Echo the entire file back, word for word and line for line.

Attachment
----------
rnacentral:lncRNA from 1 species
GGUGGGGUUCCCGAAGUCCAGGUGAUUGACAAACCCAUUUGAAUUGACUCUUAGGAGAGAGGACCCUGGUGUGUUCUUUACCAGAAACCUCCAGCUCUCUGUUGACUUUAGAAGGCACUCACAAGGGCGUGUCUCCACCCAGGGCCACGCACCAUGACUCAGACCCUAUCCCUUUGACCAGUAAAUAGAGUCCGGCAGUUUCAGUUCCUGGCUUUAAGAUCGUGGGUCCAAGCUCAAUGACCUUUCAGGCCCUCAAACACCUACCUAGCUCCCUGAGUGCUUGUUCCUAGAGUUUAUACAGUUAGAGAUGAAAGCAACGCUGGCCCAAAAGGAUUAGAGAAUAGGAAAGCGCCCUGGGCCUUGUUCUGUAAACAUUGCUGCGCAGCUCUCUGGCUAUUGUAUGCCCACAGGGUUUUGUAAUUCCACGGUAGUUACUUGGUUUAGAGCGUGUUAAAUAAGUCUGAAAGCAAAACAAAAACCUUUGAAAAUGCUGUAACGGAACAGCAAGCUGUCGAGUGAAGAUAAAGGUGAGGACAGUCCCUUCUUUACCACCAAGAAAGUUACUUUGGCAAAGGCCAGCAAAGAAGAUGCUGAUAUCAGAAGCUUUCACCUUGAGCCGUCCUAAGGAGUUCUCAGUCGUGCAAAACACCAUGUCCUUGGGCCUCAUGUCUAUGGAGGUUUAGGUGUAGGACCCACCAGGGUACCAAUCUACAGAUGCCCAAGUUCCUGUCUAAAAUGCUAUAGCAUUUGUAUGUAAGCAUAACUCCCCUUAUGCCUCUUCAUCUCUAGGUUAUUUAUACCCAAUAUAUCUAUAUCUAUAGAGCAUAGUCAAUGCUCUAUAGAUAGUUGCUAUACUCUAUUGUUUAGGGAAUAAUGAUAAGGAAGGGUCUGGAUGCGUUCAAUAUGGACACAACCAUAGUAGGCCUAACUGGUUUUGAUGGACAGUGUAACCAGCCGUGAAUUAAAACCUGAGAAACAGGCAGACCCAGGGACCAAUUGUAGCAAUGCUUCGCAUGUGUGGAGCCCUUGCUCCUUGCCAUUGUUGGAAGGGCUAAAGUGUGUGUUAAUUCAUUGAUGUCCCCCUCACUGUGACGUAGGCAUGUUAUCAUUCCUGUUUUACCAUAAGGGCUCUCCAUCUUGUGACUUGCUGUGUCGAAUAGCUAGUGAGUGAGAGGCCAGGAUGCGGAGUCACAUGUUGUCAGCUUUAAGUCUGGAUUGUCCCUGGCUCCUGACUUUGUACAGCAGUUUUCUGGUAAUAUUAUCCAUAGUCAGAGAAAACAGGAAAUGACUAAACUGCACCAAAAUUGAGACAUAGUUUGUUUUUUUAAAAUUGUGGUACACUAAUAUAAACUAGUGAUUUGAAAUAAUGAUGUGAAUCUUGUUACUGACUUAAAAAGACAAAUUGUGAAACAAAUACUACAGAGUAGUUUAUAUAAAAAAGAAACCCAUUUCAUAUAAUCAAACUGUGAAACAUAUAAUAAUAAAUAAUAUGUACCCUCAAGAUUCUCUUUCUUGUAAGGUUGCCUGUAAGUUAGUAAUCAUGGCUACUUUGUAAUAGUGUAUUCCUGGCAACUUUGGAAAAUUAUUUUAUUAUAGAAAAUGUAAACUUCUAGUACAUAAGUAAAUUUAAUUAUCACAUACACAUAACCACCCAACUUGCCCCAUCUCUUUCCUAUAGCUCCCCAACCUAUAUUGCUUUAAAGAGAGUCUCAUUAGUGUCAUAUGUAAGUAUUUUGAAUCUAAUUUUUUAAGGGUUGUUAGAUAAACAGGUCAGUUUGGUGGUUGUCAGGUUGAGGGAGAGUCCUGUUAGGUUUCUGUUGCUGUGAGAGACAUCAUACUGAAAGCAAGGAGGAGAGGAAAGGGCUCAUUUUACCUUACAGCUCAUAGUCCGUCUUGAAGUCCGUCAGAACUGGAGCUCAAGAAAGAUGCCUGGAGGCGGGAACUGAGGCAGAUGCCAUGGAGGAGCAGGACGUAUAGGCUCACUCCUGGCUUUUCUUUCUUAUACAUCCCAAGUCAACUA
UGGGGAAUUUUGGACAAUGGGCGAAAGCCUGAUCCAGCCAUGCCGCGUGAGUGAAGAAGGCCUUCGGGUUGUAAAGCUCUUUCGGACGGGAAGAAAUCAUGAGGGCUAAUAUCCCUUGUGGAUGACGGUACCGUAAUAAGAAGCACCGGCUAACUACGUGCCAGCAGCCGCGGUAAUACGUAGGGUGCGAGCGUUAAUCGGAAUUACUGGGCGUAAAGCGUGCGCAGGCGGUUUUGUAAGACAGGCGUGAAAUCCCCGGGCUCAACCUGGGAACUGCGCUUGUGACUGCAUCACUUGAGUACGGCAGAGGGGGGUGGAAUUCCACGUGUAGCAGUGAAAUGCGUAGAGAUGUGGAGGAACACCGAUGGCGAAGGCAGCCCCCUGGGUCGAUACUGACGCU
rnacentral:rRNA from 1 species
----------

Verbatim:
rnacentral:lncRNA from 1 species
GGUGGGGUUCCCGAAGUCCAGGUGAUUGACAAACCCAUUUGAAUUGACUCUUAGGAGAGAGGACCCUGGUGUGUUCUUUACCAGAAACCUCCAGCUCUCUGUUGACUUUAGAAGGCACUCACAAGGGCGUGUCUCCACCCAGGGCCACGCACCAUGACUCAGACCCUAUCCCUUUGACCAGUAAAUAGAGUCCGGCAGUUUCAGUUCCUGGCUUUAAGAUCGUGGGUCCAAGCUCAAUGACCUUUCAGGCCCUCAAACACCUACCUAGCUCCCUGAGUGCUUGUUCCUAGAGUUUAUACAGUUAGAGAUGAAAGCAACGCUGGCCCAAAAGGAUUAGAGAAUAGGAAAGCGCCCUGGGCCUUGUUCUGUAAACAUUGCUGCGCAGCUCUCUGGCUAUUGUAUGCCCACAGGGUUUUGUAAUUCCACGGUAGUUACUUGGUUUAGAGCGUGUUAAAUAAGUCUGAAAGCAAAACAAAAACCUUUGAAAAUGCUGUAACGGAACAGCAAGCUGUCGAGUGAAGAUAAAGGUGAGGACAGUCCCUUCUUUACCACCAAGAAAGUUACUUUGGCAAAGGCCAGCAAAGAAGAUGCUGAUAUCAGAAGCUUUCACCUUGAGCCGUCCUAAGGAGUUCUCAGUCGUGCAAAACACCAUGUCCUUGGGCCUCAUGUCUAUGGAGGUUUAGGUGUAGGACCCACCAGGGUACCAAUCUACAGAUGCCCAAGUUCCUGUCUAAAAUGCUAUAGCAUUUGUAUGUAAGCAUAACUCCCCUUAUGCCUCUUCAUCUCUAGGUUAUUUAUACCCAAUAUAUCUAUAUCUAUAGAGCAUAGUCAAUGCUCUAUAGAUAGUUGCUAUACUCUAUUGUUUAGGGAAUAAUGAUAAGGAAGGGUCUGGAUGCGUUCAAUAUGGACACAACCAUAGUAGGCCUAACUGGUUUUGAUGGACAGUGUAACCAGCCGUGAAUUAAAACCUGAGAAACAGGCAGACCCAGGGACCAAUUGUAGCAAUGCUUCGCAUGUGUGGAGCCCUUGCUCCUUGCCAUUGUUGGAAGGGCUAAAGUGUGUGUUAAUUCAUUGAUGUCCCCCUCACUGUGACGUAGGCAUGUUAUCAUUCCUGUUUUACCAUAAGGGCUCUCCAUCUUGUGACUUGCUGUGUCGAAUAGCUAGUGAGUGAGAGGCCAGGAUGCGGAGUCACAUGUUGUCAGCUUUAAGUCUGGAUUGUCCCUGGCUCCUGACUUUGUACAGCAGUUUUCUGGUAAUAUUAUCCAUAGUCAGAGAAAACAGGAAAUGACUAAACUGCACCAAAAUUGAGACAUAGUUUGUUUUUUUAAAAUUGUGGUACACUAAUAUAAACUAGUGAUUUGAAAUAAUGAUGUGAAUCUUGUUACUGACUUAAAAAGACAAAUUGUGAAACAAAUACUACAGAGUAGUUUAUAUAAAAAAGAAACCCAUUUCAUAUAAUCAAACUGUGAAACAUAUAAUAAUAAAUAAUAUGUACCCUCAAGAUUCUCUUUCUUGUAAGGUUGCCUGUAAGUUAGUAAUCAUGGCUACUUUGUAAUAGUGUAUUCCUGGCAACUUUGGAAAAUUAUUUUAUUAUAGAAAAUGUAAACUUCUAGUACAUAAGUAAAUUUAAUUAUCACAUACACAUAACCACCCAACUUGCCCCAUCUCUUUCCUAUAGCUCCCCAACCUAUAUUGCUUUAAAGAGAGUCUCAUUAGUGUCAUAUGUAAGUAUUUUGAAUCUAAUUUUUUAAGGGUUGUUAGAUAAACAGGUCAGUUUGGUGGUUGUCAGGUUGAGGGAGAGUCCUGUUAGGUUUCUGUUGCUGUGAGAGACAUCAUACUGAAAGCAAGGAGGAGAGGAAAGGGCUCAUUUUACCUUACAGCUCAUAGUCCGUCUUGAAGUCCGUCAGAACUGGAGCUCAAGAAAGAUGCCUGGAGGCGGGAACUGAGGCAGAUGCCAUGGAGGAGCAGGACGUAUAGGCUCACUCCUGGCUUUUCUUUCUUAUACAUCCCAAGUCAACUA
UGGGGAAUUUUGGACAAUGGGCGAAAGCCUGAUCCAGCCAUGCCGCGUGAGUGAAGAAGGCCUUCGGGUUGUAAAGCUCUUUCGGACGGGAAGAAAUCAUGAGGGCUAAUAUCCCUUGUGGAUGACGGUACCGUAAUAAGAAGCACCGGCUAACUACGUGCCAGCAGCCGCGGUAAUACGUAGGGUGCGAGCGUUAAUCGGAAUUACUGGGCGUAAAGCGUGCGCAGGCGGUUUUGUAAGACAGGCGUGAAAUCCCCGGGCUCAACCUGGGAACUGCGCUUGUGACUGCAUCACUUGAGUACGGCAGAGGGGGGUGGAAUUCCACGUGUAGCAGUGAAAUGCGUAGAGAUGUGGAGGAACACCGAUGGCGAAGGCAGCCCCCUGGGUCGAUACUGACGCU
rnacentral:rRNA from 1 species